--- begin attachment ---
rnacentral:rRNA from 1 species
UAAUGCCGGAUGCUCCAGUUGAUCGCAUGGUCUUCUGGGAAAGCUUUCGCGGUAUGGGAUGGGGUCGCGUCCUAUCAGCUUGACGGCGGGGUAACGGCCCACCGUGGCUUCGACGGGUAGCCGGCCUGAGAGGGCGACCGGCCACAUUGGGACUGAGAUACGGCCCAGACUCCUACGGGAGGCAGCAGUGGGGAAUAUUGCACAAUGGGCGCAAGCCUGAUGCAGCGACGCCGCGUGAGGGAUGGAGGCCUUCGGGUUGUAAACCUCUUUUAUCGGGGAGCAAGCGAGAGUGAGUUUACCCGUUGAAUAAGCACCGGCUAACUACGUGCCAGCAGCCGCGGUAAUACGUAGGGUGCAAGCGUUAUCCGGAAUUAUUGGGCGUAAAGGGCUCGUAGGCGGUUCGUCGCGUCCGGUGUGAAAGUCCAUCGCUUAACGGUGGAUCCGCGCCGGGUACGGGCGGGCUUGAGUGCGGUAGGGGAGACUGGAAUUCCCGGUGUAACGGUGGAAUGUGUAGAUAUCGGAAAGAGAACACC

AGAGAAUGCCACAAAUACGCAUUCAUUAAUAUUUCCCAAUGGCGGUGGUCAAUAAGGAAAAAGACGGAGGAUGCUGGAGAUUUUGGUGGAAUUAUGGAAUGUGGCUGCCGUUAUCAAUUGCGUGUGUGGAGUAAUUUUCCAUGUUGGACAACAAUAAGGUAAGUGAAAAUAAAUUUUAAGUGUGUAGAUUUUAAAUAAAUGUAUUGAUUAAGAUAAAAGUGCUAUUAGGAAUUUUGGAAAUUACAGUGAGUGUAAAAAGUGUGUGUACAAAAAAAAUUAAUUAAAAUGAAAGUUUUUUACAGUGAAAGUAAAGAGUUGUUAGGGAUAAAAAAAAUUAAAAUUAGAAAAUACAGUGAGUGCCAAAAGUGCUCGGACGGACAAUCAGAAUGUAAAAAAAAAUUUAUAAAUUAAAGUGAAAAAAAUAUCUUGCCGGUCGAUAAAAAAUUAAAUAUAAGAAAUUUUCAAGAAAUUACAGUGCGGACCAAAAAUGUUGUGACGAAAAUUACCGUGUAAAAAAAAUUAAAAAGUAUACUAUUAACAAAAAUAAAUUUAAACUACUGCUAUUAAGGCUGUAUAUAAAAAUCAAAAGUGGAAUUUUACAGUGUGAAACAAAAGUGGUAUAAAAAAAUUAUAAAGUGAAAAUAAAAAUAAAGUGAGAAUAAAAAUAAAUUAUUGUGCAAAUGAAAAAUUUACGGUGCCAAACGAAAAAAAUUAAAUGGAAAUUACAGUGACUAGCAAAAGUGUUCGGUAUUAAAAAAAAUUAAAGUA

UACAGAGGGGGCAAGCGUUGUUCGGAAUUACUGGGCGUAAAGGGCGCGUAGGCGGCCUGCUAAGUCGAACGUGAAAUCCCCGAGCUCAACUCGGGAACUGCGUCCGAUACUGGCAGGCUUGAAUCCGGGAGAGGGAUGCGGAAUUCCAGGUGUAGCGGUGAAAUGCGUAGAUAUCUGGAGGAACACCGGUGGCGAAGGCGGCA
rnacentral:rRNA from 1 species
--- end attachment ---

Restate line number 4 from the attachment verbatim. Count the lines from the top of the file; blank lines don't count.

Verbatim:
UACAGAGGGGGCAAGCGUUGUUCGGAAUUACUGGGCGUAAAGGGCGCGUAGGCGGCCUGCUAAGUCGAACGUGAAAUCCCCGAGCUCAACUCGGGAACUGCGUCCGAUACUGGCAGGCUUGAAUCCGGGAGAGGGAUGCGGAAUUCCAGGUGUAGCGGUGAAAUGCGUAGAUAUCUGGAGGAACACCGGUGGCGAAGGCGGCA